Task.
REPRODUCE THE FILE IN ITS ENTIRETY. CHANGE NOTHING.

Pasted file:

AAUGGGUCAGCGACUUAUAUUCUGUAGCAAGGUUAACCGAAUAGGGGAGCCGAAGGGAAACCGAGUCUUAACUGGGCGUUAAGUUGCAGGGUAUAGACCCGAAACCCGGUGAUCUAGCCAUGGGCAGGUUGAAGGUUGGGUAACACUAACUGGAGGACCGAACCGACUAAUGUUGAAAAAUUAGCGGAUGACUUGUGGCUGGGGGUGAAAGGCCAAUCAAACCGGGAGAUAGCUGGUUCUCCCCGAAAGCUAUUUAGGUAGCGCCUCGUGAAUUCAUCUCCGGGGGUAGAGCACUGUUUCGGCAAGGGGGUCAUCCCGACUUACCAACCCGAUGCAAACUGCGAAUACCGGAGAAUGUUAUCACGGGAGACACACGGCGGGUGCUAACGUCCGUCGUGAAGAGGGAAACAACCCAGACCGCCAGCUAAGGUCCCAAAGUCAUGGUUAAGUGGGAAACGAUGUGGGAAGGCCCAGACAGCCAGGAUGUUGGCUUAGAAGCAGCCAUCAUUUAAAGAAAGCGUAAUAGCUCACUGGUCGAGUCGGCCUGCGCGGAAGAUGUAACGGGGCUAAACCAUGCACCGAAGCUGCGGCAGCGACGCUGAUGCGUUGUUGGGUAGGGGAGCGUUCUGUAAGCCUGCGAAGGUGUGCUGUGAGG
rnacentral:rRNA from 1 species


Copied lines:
AAUGGGUCAGCGACUUAUAUUCUGUAGCAAGGUUAACCGAAUAGGGGAGCCGAAGGGAAACCGAGUCUUAACUGGGCGUUAAGUUGCAGGGUAUAGACCCGAAACCCGGUGAUCUAGCCAUGGGCAGGUUGAAGGUUGGGUAACACUAACUGGAGGACCGAACCGACUAAUGUUGAAAAAUUAGCGGAUGACUUGUGGCUGGGGGUGAAAGGCCAAUCAAACCGGGAGAUAGCUGGUUCUCCCCGAAAGCUAUUUAGGUAGCGCCUCGUGAAUUCAUCUCCGGGGGUAGAGCACUGUUUCGGCAAGGGGGUCAUCCCGACUUACCAACCCGAUGCAAACUGCGAAUACCGGAGAAUGUUAUCACGGGAGACACACGGCGGGUGCUAACGUCCGUCGUGAAGAGGGAAACAACCCAGACCGCCAGCUAAGGUCCCAAAGUCAUGGUUAAGUGGGAAACGAUGUGGGAAGGCCCAGACAGCCAGGAUGUUGGCUUAGAAGCAGCCAUCAUUUAAAGAAAGCGUAAUAGCUCACUGGUCGAGUCGGCCUGCGCGGAAGAUGUAACGGGGCUAAACCAUGCACCGAAGCUGCGGCAGCGACGCUGAUGCGUUGUUGGGUAGGGGAGCGUUCUGUAAGCCUGCGAAGGUGUGCUGUGAGG
rnacentral:rRNA from 1 species